Tag: vulnerable

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Riding in cars with hackers
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Interlopers in Things? IoT devices may be used as backdoors to your network
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ATMs Remain Vulnerable Worldwide

Riding in cars with hackers

By Cameron Abbott, Michelle Aggromito and Alyssia Totham

Ransom-based hacking techniques have primarily been limited to the intangible. We live in a world where unauthorised access to email accounts, bank accounts, and computer systems that may otherwise be private is no longer uncommon.

In some situations, hackers demand a lump sum in return for reinstating control of the accounts and systems to its owners and managers, and otherwise refusing to pay this ransom can likely leave our information and data at the mercy of hackers.

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Interlopers in Things? IoT devices may be used as backdoors to your network

By Cameron Abbott and Karla Hodgson

This month Microsoft reported that its Threat Intelligence Center discovered that IoT (internet of things) devices – a VOIP phone, a printer and a video decoder – were used to gain access to corporate networks in April.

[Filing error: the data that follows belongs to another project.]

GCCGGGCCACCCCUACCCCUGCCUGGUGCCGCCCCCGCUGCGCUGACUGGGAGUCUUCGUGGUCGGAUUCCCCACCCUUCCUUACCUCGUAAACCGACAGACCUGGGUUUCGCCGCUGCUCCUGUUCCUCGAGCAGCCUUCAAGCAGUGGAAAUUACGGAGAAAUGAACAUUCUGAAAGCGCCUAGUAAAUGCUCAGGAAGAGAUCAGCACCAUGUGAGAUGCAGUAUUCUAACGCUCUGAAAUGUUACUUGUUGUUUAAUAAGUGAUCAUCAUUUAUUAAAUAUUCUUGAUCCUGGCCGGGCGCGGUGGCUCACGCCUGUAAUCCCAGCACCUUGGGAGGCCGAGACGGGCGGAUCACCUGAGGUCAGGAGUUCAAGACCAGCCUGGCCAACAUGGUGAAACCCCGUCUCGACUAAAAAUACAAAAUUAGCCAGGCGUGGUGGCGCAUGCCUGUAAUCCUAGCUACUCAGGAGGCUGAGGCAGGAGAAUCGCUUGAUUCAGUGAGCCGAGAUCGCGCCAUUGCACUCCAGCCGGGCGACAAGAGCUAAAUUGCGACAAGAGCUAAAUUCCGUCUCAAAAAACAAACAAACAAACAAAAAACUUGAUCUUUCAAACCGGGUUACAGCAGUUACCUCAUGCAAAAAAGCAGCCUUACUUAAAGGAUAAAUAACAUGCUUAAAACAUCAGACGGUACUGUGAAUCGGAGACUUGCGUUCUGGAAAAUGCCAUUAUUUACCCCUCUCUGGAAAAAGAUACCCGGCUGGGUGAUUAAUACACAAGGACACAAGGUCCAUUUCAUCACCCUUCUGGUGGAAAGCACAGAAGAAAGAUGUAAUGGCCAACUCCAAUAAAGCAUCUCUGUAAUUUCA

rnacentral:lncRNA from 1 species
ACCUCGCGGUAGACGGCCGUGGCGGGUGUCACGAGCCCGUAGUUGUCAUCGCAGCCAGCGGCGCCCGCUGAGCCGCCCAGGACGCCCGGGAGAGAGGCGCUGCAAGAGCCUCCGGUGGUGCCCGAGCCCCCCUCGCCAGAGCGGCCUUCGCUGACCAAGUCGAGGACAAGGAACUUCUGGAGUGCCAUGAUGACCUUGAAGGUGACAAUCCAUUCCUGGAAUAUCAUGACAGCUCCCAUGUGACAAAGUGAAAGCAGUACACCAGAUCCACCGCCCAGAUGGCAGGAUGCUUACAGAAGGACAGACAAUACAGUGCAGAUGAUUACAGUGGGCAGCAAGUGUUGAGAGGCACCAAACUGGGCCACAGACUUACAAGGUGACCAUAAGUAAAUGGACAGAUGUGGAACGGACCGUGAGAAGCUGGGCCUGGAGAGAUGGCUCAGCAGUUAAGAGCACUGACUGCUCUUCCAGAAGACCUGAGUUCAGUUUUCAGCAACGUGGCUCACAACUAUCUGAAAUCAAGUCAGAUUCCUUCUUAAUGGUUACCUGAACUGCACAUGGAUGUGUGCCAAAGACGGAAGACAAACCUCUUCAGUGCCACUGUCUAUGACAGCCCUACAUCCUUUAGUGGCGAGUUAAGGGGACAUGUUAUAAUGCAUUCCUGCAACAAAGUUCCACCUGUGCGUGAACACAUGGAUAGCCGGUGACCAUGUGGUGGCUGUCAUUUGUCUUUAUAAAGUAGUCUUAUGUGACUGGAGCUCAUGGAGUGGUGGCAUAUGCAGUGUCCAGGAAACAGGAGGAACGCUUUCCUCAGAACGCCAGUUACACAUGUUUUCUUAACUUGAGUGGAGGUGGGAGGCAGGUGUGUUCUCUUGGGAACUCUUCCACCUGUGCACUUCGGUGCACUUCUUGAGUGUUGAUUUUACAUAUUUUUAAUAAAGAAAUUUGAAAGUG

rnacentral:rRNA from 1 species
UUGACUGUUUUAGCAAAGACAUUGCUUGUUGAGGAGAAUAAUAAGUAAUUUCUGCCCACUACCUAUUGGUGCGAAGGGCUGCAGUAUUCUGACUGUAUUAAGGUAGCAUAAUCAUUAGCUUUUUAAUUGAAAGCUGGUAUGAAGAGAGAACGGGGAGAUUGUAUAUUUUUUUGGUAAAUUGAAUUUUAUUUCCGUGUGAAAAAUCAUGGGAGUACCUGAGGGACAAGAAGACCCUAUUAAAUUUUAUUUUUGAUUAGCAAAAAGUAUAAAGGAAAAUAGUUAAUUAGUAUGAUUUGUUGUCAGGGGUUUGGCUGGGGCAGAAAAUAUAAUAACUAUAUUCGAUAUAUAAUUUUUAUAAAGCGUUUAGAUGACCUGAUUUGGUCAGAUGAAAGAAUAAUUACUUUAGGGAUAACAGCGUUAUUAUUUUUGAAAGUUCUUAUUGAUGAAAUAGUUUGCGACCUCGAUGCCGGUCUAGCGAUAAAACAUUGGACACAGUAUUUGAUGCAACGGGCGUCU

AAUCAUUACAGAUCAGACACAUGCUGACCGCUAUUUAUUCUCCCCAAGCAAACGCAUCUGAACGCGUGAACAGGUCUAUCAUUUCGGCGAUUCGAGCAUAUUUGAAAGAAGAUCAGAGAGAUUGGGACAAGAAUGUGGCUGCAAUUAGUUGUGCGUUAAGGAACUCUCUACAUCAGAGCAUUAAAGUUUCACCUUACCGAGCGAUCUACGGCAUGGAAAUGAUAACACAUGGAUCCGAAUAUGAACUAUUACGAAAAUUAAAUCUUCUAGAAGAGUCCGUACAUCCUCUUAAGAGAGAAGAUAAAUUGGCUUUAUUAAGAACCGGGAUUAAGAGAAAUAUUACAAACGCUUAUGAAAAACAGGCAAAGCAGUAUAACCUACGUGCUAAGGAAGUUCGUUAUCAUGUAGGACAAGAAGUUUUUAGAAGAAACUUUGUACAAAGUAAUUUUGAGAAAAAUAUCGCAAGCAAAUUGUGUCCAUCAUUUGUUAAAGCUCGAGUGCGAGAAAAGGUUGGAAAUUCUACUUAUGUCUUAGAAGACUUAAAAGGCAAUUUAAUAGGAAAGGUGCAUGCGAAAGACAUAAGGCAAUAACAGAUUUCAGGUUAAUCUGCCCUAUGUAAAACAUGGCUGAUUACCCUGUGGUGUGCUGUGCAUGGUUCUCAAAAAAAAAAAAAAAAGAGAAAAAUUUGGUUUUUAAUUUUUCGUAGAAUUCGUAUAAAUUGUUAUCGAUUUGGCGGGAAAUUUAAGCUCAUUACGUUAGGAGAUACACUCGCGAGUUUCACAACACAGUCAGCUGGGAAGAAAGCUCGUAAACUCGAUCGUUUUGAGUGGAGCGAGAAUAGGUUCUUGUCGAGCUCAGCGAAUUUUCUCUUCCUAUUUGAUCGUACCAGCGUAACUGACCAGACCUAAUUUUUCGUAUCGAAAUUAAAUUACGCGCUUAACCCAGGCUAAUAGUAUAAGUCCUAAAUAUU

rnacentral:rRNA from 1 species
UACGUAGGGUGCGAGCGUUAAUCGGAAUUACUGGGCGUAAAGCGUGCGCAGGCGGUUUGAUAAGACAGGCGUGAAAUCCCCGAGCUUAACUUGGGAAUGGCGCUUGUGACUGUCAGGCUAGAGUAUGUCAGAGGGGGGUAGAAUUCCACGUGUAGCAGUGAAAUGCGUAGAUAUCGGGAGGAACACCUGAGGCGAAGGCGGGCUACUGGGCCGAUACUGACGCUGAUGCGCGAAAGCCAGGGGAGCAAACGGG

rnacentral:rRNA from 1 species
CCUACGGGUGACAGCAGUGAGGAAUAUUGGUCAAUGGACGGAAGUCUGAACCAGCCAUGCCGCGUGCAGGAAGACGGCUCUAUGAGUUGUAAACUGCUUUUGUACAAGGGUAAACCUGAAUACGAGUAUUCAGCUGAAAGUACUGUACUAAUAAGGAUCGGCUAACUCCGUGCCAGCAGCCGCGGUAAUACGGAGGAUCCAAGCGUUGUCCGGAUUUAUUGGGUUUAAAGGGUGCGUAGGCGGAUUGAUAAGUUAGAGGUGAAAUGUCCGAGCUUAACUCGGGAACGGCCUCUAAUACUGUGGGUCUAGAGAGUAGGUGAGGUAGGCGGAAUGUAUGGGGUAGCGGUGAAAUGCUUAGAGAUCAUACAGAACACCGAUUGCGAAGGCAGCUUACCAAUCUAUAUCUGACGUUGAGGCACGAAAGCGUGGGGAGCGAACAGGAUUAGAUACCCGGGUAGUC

Microsoft have identified Strontium – also known as Fancy Bear or APT28 – as the culprit, a hacker group associated with the Russian government who appear to be targeting government, IT, military and defence, engineering, medical and education sectors. Strontium has been linked to the hacking of Hillary Clinton’s presidential election campaign and of the email accounts of researchers investigating the missile strike on MH17 and the Skripal poisonings. In the last 12 months alone Microsoft has delivered almost 1,400 notifications to those targeted or compromised by Strontium.

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ATMs Remain Vulnerable Worldwide

By Susan Altman

Bank ATMs worldwide remain vulnerable to security hacks according to Bank Info Security®.  A recent large theft of cash from dozens of ATMs in Taiwan using malicious software highlights the continuing problem.  Investigators suspect two Russian nationals were behind the hack.  Three types of malware were reported to have been used, which may have enabled the bad guys to command the machines to dispense large amounts of cash simply by sending a text message.

ATMs are considered vulnerable because of their aging software.  According to Kaspersky Lab, about 90% of the world’s ATM machines still run Window XP, the software operating system Microsoft generally stopped supporting in April 2014.  Most ATM manufacturers continued to use Windows XP, layering on other security software while trying lock down the operating system to protect account data.  In addition to using old software, some ATMs are physically accessed by a single key that opens up an entire fleet of the physical boxes holding the machine’s computer—a triumph of human convenience over security.  Finally, ATMs need a network connection in order to communicate with banks, so like all IoT devices and machines, they are vulnerable to remote hacks.

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